Here are some examples of ways to reuse rather than be tempted to consume more (even if it is local & eco-friendly):
- Rather than succumbing to the desire to buy those awesome new Seventh Generation wipes that are the safer/healthier version of Clorox wipes (which I almost did the other day . . . they were on sale!), try turning old T-shirts into rags. Come on, you know you have too many T-shirts ;)
- “Compostable” plates & silverware are a great alternative to plastics, but try taking it a step further and have silverware on hand for when you eat on the go. You can just bring the silverware you have at home; it’s pretty sturdy.
- You know all those cute canning jars you have laying around? Or the variety of glass jars you’ve acquired from who knows where? Use them to fill up all your bulk goods from the grocery store – most places will welcome this form of storage (especially co-ops) if you know the tare weight.
So sometimes (or a lot of times!) we find ourselves with stuff that we have to find a home for. We don’t see a viable use for this stuff, or maybe we just don’t have time or a vision for what to do with it. This is where recycling often comes in. Recycling is a form of someone else reusing your waste. Sometimes it is broken down into a million pieces and put back together into something else; other times it is used mostly as-is but with new love from a new owner. Often times, recycling is the best way to maintain hazardous waste and divert it.
There are oh-so-many things that can be recycled. Here are just a few of them:
Items containing mercury
Here are a few tips for recycling:
- Just do it! Seriously, this is the hardest part for me at least. Start a recycling bin inside your house and put up cute little signs as a reminder to you and your family.
- Know what you can recycle & where. The list above are just a few things that can be recycled, some that are more “alternative.” Earth 911 is a great resource for finding locations near you that recycle items other than the common paper, plastic, glass, & metal.
- After you get into the flow of recycling, go the extra mile. If you are out somewhere and don’t see a recycling bin for a recyclable you’re in possession of, take it with you! Carry things with you for a bit until you find a place to recycle them.
- Assess your purchases (after you’ve answered the questions under the “Reduce” question) based on recyclability – i.e., is this packaging recyclable? Avoid plastic packaging, which often can’t be recycled. Sticking to bulk purchases reduces waste in the first place.
- Compost! This is a way of recycling your food waste into viable nutrients. Learn more here.
Practicing mindful consumption like reducing, reusing, & recycling prevents valuable materials from going to waste. When I turn that T-shirt into a rag, I am saving money by not buying new rags or paper towels.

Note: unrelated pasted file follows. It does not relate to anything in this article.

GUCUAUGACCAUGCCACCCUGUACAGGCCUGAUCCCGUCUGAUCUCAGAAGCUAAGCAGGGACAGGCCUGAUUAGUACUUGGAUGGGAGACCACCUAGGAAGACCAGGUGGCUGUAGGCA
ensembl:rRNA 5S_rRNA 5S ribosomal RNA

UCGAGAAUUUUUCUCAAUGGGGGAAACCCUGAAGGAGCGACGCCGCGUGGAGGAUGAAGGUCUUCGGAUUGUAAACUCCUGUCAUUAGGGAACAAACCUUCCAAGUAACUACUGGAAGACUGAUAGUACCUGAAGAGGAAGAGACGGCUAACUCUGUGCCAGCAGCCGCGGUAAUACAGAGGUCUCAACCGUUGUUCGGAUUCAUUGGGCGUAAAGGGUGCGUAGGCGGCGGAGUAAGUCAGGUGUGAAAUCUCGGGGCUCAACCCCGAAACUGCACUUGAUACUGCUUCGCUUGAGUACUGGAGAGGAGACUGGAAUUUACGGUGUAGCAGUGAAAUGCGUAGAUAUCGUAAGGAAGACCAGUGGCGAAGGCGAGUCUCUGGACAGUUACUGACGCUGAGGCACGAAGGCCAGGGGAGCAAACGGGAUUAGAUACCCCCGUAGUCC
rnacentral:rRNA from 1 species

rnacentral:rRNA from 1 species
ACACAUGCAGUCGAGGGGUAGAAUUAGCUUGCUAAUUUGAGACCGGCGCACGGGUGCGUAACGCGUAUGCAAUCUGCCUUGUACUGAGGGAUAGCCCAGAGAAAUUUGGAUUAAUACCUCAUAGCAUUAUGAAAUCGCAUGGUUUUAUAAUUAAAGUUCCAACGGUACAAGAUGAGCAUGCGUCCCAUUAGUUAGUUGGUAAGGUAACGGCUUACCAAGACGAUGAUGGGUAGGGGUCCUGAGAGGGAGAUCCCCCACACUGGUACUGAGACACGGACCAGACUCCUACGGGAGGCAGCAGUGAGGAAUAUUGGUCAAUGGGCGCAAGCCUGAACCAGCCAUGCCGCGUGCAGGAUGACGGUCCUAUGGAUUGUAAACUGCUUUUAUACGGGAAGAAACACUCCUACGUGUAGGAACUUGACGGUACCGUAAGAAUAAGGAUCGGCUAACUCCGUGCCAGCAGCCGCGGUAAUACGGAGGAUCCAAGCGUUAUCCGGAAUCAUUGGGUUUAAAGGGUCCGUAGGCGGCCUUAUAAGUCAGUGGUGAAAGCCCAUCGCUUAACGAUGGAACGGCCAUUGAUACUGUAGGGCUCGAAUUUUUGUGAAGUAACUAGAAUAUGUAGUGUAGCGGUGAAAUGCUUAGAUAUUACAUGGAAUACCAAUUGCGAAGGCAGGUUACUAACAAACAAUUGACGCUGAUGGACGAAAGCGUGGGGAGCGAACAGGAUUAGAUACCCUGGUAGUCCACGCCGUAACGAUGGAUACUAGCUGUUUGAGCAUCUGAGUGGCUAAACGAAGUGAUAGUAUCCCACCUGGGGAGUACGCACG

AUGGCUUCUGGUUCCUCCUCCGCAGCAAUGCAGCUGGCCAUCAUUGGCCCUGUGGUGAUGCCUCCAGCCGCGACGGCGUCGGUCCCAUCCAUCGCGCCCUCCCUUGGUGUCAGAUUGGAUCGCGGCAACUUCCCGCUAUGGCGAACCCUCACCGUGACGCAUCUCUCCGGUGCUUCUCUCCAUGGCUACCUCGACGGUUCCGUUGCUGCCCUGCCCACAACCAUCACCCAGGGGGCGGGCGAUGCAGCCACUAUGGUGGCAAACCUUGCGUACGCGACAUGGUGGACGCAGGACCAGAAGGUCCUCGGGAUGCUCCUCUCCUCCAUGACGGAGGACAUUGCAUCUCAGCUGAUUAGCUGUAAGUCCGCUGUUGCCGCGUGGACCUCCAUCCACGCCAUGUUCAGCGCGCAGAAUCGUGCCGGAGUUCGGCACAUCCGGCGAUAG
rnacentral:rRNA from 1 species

This chart, from the city of Norfolk, Nebraska, outlines the value of unrecycled commodities:
Conserves Energy & Natural Resources
There is some debate over whether recycling actually saves more resources and energy since it goes through its own process to be turned into something new. The truth is that using recycled materials in manufacture uses less energy than using completely raw materials. In reducing, reusing, and recycling, we are also conserving natural resources like trees, water, and mineral ores.
Here are some numbers:
- When one ton of steel is recycled, 2,500 pounds of iron ore, 1,400 pounds of coal, and 120 pounds of limestone are conserved
- Recycling a ton of paper saves 7,000 gallons of water
- In 2011, Americans recycled 61 billion aluminum cans, saving the energy equivalent of 17 million barrels of crude oil
Reduces Landfill Space
This is an easy one to get on board with. The more we reduce, reuse, and recycle our waste, the less trash we put into landfills, the less space we have to devote to landfills. Not only does this mean less of our land is dedicated to piles of garbage, but also . . .
Landfills are a major source of pollution. Toxic emissions from landfills leach into our air, water, and soil. This is one reason why it’s very important to recycle hazardous materials mindfully. Even “ordinary” waste produces large amounts of methane in landfills, which are 20-30 times more potent in its climate change effects than carbon dioxide.
When we begin to think about our consumption habits and what we do with our waste, we become more aware of our way of living in general. We are given an opportunity to assess the way we are living in a more mindful and less self-centered way.
Those are just a few reasons why the 3 Rs matter and some ways we can incorporate this practice into our lives!
Any questions, comments, or thoughts that have stirred up?
What are some creative ways you practice the 3 Rs?
Share in the comments below!